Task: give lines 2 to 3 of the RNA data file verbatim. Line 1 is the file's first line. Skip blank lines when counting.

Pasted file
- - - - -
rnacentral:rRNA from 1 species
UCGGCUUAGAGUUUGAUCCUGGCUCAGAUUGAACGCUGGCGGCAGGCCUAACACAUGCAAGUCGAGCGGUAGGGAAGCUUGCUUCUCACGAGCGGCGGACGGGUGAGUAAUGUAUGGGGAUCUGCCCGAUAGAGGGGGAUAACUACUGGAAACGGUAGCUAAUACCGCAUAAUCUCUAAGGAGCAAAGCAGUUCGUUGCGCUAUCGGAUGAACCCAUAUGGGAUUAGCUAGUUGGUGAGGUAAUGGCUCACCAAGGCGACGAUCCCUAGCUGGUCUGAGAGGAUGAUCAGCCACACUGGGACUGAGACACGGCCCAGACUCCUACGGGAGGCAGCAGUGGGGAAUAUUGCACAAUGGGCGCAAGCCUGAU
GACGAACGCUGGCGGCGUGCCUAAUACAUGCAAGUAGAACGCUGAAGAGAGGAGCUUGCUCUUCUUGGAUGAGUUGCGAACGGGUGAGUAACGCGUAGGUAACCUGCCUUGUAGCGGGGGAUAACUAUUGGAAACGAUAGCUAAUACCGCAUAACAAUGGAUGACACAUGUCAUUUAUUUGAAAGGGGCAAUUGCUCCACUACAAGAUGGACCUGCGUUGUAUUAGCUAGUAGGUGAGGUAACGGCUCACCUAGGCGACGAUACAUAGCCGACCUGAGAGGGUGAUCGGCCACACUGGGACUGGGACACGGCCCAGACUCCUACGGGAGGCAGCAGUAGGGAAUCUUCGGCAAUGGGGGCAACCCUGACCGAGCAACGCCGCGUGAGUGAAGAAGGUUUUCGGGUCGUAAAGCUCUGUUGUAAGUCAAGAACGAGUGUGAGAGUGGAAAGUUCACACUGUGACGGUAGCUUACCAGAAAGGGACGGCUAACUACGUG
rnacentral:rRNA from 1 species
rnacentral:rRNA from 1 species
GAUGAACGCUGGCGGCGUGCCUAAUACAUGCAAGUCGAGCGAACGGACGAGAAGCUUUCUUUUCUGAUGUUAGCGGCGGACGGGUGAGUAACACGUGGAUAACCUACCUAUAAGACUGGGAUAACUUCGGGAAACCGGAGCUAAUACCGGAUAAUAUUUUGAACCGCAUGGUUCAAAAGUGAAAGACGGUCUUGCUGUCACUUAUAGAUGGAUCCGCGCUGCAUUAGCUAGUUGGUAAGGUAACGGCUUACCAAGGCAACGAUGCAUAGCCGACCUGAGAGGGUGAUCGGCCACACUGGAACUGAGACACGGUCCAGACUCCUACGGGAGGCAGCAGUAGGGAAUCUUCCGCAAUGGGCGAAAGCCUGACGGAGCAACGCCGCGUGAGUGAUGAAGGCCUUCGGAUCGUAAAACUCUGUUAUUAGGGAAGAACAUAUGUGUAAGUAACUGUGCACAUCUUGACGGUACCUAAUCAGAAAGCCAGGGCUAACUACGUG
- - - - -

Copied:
UCGGCUUAGAGUUUGAUCCUGGCUCAGAUUGAACGCUGGCGGCAGGCCUAACACAUGCAAGUCGAGCGGUAGGGAAGCUUGCUUCUCACGAGCGGCGGACGGGUGAGUAAUGUAUGGGGAUCUGCCCGAUAGAGGGGGAUAACUACUGGAAACGGUAGCUAAUACCGCAUAAUCUCUAAGGAGCAAAGCAGUUCGUUGCGCUAUCGGAUGAACCCAUAUGGGAUUAGCUAGUUGGUGAGGUAAUGGCUCACCAAGGCGACGAUCCCUAGCUGGUCUGAGAGGAUGAUCAGCCACACUGGGACUGAGACACGGCCCAGACUCCUACGGGAGGCAGCAGUGGGGAAUAUUGCACAAUGGGCGCAAGCCUGAU
GACGAACGCUGGCGGCGUGCCUAAUACAUGCAAGUAGAACGCUGAAGAGAGGAGCUUGCUCUUCUUGGAUGAGUUGCGAACGGGUGAGUAACGCGUAGGUAACCUGCCUUGUAGCGGGGGAUAACUAUUGGAAACGAUAGCUAAUACCGCAUAACAAUGGAUGACACAUGUCAUUUAUUUGAAAGGGGCAAUUGCUCCACUACAAGAUGGACCUGCGUUGUAUUAGCUAGUAGGUGAGGUAACGGCUCACCUAGGCGACGAUACAUAGCCGACCUGAGAGGGUGAUCGGCCACACUGGGACUGGGACACGGCCCAGACUCCUACGGGAGGCAGCAGUAGGGAAUCUUCGGCAAUGGGGGCAACCCUGACCGAGCAACGCCGCGUGAGUGAAGAAGGUUUUCGGGUCGUAAAGCUCUGUUGUAAGUCAAGAACGAGUGUGAGAGUGGAAAGUUCACACUGUGACGGUAGCUUACCAGAAAGGGACGGCUAACUACGUG